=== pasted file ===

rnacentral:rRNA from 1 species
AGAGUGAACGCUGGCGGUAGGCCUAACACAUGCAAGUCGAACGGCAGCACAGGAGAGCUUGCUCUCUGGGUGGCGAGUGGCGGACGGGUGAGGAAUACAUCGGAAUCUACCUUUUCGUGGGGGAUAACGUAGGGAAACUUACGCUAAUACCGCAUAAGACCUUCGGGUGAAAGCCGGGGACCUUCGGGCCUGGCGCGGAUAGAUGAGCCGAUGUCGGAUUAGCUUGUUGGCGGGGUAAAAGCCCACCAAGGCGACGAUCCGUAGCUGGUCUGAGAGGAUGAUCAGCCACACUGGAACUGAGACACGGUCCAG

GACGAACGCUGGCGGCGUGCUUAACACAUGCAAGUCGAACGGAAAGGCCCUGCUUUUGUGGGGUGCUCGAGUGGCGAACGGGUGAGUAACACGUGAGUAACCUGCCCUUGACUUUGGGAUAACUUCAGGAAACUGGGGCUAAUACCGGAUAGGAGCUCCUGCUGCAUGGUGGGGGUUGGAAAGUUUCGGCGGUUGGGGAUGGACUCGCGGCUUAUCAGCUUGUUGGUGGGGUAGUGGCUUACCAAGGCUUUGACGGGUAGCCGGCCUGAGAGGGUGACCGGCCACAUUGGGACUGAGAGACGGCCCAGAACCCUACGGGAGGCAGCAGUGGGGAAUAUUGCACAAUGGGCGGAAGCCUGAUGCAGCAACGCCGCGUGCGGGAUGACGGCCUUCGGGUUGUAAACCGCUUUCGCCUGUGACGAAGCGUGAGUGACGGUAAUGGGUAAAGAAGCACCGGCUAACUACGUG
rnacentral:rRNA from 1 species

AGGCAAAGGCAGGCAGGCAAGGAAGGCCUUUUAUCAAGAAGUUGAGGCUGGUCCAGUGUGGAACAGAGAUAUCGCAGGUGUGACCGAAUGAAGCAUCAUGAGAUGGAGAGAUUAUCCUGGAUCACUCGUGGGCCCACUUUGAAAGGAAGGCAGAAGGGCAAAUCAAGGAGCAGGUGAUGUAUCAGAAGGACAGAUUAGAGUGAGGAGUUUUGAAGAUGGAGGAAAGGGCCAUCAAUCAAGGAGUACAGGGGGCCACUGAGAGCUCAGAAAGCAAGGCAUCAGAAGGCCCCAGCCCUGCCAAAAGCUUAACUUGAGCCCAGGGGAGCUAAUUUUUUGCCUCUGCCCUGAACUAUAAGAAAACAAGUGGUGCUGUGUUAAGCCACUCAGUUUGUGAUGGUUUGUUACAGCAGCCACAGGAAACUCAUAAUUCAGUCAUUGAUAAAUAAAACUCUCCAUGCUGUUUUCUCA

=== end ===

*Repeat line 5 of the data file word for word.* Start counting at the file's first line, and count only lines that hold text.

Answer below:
AGGCAAAGGCAGGCAGGCAAGGAAGGCCUUUUAUCAAGAAGUUGAGGCUGGUCCAGUGUGGAACAGAGAUAUCGCAGGUGUGACCGAAUGAAGCAUCAUGAGAUGGAGAGAUUAUCCUGGAUCACUCGUGGGCCCACUUUGAAAGGAAGGCAGAAGGGCAAAUCAAGGAGCAGGUGAUGUAUCAGAAGGACAGAUUAGAGUGAGGAGUUUUGAAGAUGGAGGAAAGGGCCAUCAAUCAAGGAGUACAGGGGGCCACUGAGAGCUCAGAAAGCAAGGCAUCAGAAGGCCCCAGCCCUGCCAAAAGCUUAACUUGAGCCCAGGGGAGCUAAUUUUUUGCCUCUGCCCUGAACUAUAAGAAAACAAGUGGUGCUGUGUUAAGCCACUCAGUUUGUGAUGGUUUGUUACAGCAGCCACAGGAAACUCAUAAUUCAGUCAUUGAUAAAUAAAACUCUCCAUGCUGUUUUCUCA